Wednesday, July 11, 2012

Two royal weddings

July 11, 1818

The Duke of Clarence's marriage to Princess Adelaide of Saxe-Meiningen and the remarriage of the Duke and Duchess of Kent were to have taken place on Thursday.  The preparations were underway, and the "ancient silver plate to be used in the ceremony" was brought at an early hour from the Chapel Royal. St. James's and Whitehall, to Kew Palace.

Unfortunately, the weddings were postponed until earlier today.  This was due to the state of Queen Charlotte's health, according to the Times.

The Queen's health is in a much better state, which allowed her to be present for the two weddings.     Earlier this morning, a temporary altar was placed in the Queen's drawing room, "which looks into Kew Gardens, on the first floor."    The rail was extend to accommodate "the four Royal personages."

Four crimson velvet pillows were placed on the floor before the altar so the couples could kneel, and the entire altar was covered in crimson velvet.  The "valuable  and magnificent communion plate," from the Chapel Royal and Whitehall made a "most elegant and splendid appearance."

The two bridal couples and other members of the Royal family arrived shortly before 4 p.m., when the Queen "was conducted into the drawing room and took her seat on the right side of the altar."   This is wear she sat at the marriage of Princess Elizabeth with the Prince of Hesse-Homburg. 

Queen Charlotte was attended by her eldest son, the Prince Regent, "on her entrance into the drawing room."  They were followed by the Duke and Duchess of York, the Duke and Duchess of Cambridge, the Duchess of Gloucester, Princess Augusta, the Princess Sophia of Gloucester, the Landgrave of Hesse Cassel, Duchess of Saxe-Meiningen, the Lord Chancellor, the Earl of Liverpool, Viscount Sidmouth, and the Count and Countess  Munster.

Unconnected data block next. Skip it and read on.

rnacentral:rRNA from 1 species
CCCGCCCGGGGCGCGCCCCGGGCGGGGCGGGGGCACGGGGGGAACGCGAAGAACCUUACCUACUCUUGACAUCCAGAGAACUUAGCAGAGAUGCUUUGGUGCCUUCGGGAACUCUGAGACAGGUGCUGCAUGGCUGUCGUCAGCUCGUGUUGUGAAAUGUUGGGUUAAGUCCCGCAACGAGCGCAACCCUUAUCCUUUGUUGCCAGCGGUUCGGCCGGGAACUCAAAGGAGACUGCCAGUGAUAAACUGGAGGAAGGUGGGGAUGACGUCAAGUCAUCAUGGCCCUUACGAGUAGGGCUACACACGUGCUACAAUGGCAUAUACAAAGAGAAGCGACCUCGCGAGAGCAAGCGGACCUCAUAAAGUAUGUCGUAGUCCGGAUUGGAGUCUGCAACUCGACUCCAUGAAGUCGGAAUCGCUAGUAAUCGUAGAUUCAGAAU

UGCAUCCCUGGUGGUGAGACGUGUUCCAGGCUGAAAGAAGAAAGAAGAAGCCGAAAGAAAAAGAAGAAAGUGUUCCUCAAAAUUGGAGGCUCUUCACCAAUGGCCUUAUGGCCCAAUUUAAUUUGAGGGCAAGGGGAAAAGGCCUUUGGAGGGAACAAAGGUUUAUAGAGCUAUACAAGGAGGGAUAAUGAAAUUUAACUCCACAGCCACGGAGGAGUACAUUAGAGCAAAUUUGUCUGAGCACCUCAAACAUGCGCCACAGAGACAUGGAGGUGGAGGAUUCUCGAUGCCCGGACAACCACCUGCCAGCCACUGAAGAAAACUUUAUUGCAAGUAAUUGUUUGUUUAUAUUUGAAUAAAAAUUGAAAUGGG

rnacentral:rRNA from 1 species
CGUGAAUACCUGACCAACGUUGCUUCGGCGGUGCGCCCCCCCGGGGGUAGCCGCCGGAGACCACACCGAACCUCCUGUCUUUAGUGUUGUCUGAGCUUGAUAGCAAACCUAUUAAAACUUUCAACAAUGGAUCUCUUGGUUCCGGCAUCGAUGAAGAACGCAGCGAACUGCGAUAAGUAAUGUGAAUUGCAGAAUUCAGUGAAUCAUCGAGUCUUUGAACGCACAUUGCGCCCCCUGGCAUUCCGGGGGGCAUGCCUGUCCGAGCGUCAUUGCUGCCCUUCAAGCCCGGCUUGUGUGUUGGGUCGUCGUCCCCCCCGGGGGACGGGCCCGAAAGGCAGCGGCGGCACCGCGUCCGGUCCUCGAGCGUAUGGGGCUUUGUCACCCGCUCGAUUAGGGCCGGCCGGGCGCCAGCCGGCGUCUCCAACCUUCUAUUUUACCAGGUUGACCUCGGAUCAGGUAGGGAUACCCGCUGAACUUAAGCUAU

The Duke of Clarence and "his intended bride," and the Duke and Duchess of Kent took their places at the altar.  The Archbishop of Canterbury began the wedding ceremony, and was assisted by the Bishop of London.    The brides "had the honour of being given away" by the Prince Regent.  The Lord Chancellor "produced the sanction" of the Prince Regent in Council to the two marriages.

After the weddings, Queen Charlotte retired to her private apartment, where she had dinner.  The "state of her health" did not allow her to join the rest of the family for the wedding dinner.  At 5 p.m., the Prince Regent and the "remainder of the company sat down to a most sumptuous dinner."

Shortly after 7 p.m., the Duke and Duchess of Kent traveled in Prince Leopold's "chariot" to spend their honeymoon at Claremont.  The Prince Regent and other members of the Royal party "proceeded in open carriages to the Cottage" in Kew Gardens, near the Pagoda, to enjoy a cup of tea.    Afterwards, the Duke and Duchess of Clarence traveled to the Duke's residence in St. James's Palace, "which was brilliantly illuminated."   They arrived at their new home at about 11 p.m.

The Duchess of Kent's wedding dress was made from a "very rich and elegant gold tissue," with "two superb borders of scalloped lama flouncing, each border headed with rich gold trimming; the body and sleeves to correspond, richly trimmed with beautiful Brussels point lace, and tastefully ornamented with gold tassels; the robe of rich gold tissue, lined with white satin, and trimmed round with rich scalloped lama trimming to match the dress and fastened at the waist with a very brilliant diamond clasp."   The Duchess were a "wreath of diamonds" on her head.

The Duchess of Clarence wore a "very rich and elegant silver tissue" gown, with "two broad flounces of beautiful point lace, each flounce headed with rich silver shell trimmings; body and sleeves superbly trimmed with Brussels point lace and silver tassels; the robe of rich silver tissue, lined with white satin, trimmed with Brussels lace, and bordered with silver trimming to correspond, fastened at the waist with a brilliant diamond clasp."   Her head piece was a "superb wreath of diamonds."

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